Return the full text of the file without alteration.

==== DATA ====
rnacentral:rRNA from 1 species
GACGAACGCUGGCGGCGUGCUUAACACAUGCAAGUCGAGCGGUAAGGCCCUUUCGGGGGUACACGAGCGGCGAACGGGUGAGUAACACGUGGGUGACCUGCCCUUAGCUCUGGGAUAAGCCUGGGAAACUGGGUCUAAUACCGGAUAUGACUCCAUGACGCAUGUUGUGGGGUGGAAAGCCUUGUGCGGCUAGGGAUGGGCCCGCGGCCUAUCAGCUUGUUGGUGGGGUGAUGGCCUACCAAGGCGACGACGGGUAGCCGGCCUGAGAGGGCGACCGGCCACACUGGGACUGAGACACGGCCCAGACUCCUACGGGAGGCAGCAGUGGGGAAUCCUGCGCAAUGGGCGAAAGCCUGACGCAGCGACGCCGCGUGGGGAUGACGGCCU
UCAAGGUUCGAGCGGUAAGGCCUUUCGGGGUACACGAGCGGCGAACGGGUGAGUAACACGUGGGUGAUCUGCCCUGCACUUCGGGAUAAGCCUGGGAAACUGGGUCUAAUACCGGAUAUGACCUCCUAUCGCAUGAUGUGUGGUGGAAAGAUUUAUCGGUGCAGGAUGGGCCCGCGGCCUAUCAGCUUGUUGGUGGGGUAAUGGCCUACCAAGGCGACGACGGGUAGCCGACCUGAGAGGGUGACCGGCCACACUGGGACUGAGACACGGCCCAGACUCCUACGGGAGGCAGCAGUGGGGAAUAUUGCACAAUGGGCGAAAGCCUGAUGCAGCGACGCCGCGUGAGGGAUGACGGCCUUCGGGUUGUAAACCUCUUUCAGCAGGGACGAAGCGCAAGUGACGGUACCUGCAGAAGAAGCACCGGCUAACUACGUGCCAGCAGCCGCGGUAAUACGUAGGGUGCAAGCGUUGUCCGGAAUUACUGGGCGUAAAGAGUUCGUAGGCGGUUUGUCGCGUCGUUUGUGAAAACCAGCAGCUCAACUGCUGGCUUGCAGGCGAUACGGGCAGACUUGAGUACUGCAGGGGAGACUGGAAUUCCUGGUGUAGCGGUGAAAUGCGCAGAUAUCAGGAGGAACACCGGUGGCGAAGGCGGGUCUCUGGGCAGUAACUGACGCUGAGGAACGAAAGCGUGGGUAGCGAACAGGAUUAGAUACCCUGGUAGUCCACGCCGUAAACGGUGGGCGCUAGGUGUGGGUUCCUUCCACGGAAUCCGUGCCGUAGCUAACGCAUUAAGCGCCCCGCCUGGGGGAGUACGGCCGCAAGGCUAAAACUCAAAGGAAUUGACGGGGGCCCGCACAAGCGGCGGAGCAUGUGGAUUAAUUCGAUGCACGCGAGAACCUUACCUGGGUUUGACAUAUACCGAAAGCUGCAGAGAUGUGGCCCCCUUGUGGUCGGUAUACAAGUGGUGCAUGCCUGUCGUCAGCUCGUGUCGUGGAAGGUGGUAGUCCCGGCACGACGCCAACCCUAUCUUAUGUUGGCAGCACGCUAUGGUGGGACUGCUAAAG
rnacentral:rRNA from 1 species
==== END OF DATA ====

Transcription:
rnacentral:rRNA from 1 species
GACGAACGCUGGCGGCGUGCUUAACACAUGCAAGUCGAGCGGUAAGGCCCUUUCGGGGGUACACGAGCGGCGAACGGGUGAGUAACACGUGGGUGACCUGCCCUUAGCUCUGGGAUAAGCCUGGGAAACUGGGUCUAAUACCGGAUAUGACUCCAUGACGCAUGUUGUGGGGUGGAAAGCCUUGUGCGGCUAGGGAUGGGCCCGCGGCCUAUCAGCUUGUUGGUGGGGUGAUGGCCUACCAAGGCGACGACGGGUAGCCGGCCUGAGAGGGCGACCGGCCACACUGGGACUGAGACACGGCCCAGACUCCUACGGGAGGCAGCAGUGGGGAAUCCUGCGCAAUGGGCGAAAGCCUGACGCAGCGACGCCGCGUGGGGAUGACGGCCU
UCAAGGUUCGAGCGGUAAGGCCUUUCGGGGUACACGAGCGGCGAACGGGUGAGUAACACGUGGGUGAUCUGCCCUGCACUUCGGGAUAAGCCUGGGAAACUGGGUCUAAUACCGGAUAUGACCUCCUAUCGCAUGAUGUGUGGUGGAAAGAUUUAUCGGUGCAGGAUGGGCCCGCGGCCUAUCAGCUUGUUGGUGGGGUAAUGGCCUACCAAGGCGACGACGGGUAGCCGACCUGAGAGGGUGACCGGCCACACUGGGACUGAGACACGGCCCAGACUCCUACGGGAGGCAGCAGUGGGGAAUAUUGCACAAUGGGCGAAAGCCUGAUGCAGCGACGCCGCGUGAGGGAUGACGGCCUUCGGGUUGUAAACCUCUUUCAGCAGGGACGAAGCGCAAGUGACGGUACCUGCAGAAGAAGCACCGGCUAACUACGUGCCAGCAGCCGCGGUAAUACGUAGGGUGCAAGCGUUGUCCGGAAUUACUGGGCGUAAAGAGUUCGUAGGCGGUUUGUCGCGUCGUUUGUGAAAACCAGCAGCUCAACUGCUGGCUUGCAGGCGAUACGGGCAGACUUGAGUACUGCAGGGGAGACUGGAAUUCCUGGUGUAGCGGUGAAAUGCGCAGAUAUCAGGAGGAACACCGGUGGCGAAGGCGGGUCUCUGGGCAGUAACUGACGCUGAGGAACGAAAGCGUGGGUAGCGAACAGGAUUAGAUACCCUGGUAGUCCACGCCGUAAACGGUGGGCGCUAGGUGUGGGUUCCUUCCACGGAAUCCGUGCCGUAGCUAACGCAUUAAGCGCCCCGCCUGGGGGAGUACGGCCGCAAGGCUAAAACUCAAAGGAAUUGACGGGGGCCCGCACAAGCGGCGGAGCAUGUGGAUUAAUUCGAUGCACGCGAGAACCUUACCUGGGUUUGACAUAUACCGAAAGCUGCAGAGAUGUGGCCCCCUUGUGGUCGGUAUACAAGUGGUGCAUGCCUGUCGUCAGCUCGUGUCGUGGAAGGUGGUAGUCCCGGCACGACGCCAACCCUAUCUUAUGUUGGCAGCACGCUAUGGUGGGACUGCUAAAG
rnacentral:rRNA from 1 species